When the house starts to smell disturbingly eggy, leap up from the computer, and in a state of some agitation, scuttle downstairs, muttering oaths, arms held in front of face as if expecting an explosion.

Rescue eggs just in time, as the last teaspoonful of water begins to evaporate. The kitchen windows will be completely steamed up.

Plunge eggs in cold water and remove what little shell they haven't managed to ease themselves out of in their desperate attempt to escape.

On a cheery note: the smell of hard-boiled eggs throughout the house is infinitely preferable to that of exploded eggs and blackened pan. I know this to be true.

Saturday, 22 January 2011

Aristotelian postscript

Aristotle's mum came round this evening, bearing thank-you gifts.

The old philosopher is fine, having settled back at home as though nothing had happened.

All right for him, sez I, but I rather enjoyed the flurry of activity and forward thinking he brought with him last Monday. I had started planning changes to my house layout to accommodate the addition of a sightless cat, and considering counselling support for Scooter and Millie.

Ah, well. I suppose that four cats are enough.....

Wrong? Right? Which?

Mr Trendy Specs the estate agent called round yesterday to take a picture of the shower room, in order to update the details concerning my house. He began by stating "So you've lost a bedroom!" in a somewhat critical tone, but after he saw the new room, and heard how almost every viewer last year had asked if there was just the one bathroom in the house, he changed his tune.

He thinks that the house sale can only be enhanced by this new addition, despite the loss of a bedroom, and that the price should remain as it was. Jolly good! I'd had no idea which way this would go, and had worried a little about having made a mistake.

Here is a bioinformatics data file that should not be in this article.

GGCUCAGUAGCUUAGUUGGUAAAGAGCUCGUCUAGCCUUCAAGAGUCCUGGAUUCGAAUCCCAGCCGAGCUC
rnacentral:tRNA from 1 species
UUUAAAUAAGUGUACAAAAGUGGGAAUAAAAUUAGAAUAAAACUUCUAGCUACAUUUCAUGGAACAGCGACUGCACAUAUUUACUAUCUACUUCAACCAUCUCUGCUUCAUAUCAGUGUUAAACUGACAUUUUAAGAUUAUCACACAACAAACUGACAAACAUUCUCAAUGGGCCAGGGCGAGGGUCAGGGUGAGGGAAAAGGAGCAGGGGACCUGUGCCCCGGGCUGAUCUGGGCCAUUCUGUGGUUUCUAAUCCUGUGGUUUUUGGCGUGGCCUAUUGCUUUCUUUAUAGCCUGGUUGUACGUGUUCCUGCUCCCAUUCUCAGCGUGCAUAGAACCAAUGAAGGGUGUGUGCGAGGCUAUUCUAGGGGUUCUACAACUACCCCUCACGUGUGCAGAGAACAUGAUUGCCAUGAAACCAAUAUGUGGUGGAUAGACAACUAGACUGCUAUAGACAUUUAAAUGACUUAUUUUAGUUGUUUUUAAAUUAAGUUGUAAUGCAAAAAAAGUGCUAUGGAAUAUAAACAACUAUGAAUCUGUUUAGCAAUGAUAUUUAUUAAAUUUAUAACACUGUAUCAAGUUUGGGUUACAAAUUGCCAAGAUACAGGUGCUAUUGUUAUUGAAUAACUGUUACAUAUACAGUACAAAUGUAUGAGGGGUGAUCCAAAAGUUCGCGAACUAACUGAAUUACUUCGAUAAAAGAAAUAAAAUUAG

He was optimistic that a sale would happen this year - well, he has to sound optimistic, doesn't he - and took my slightly critical feedback about last year's service on the chin. We agreed that a new stair carpet would also help - recent months of heavy traffic hasn't helped the old one, and I swear that it's now more cat hair than carpet fibre, despite the strenuous effort that Margery puts in every week with the hoover. Lottie is a one-cat resistance movement.

So that's the next job for me - finding a carpet that will take the daily wear and tear, cat and dog trampling, claw-sharpening, hair-shedding, and look good for at least the time it takes to sell. I shall have to take the old carpet up myself - a chore to be feared, given what I know will be revealed: the 'understains' as the old detergent ads used to call them, in this case years of little donations from a series of ancient or protesting cats. I couldn't inflict this job on anyone else.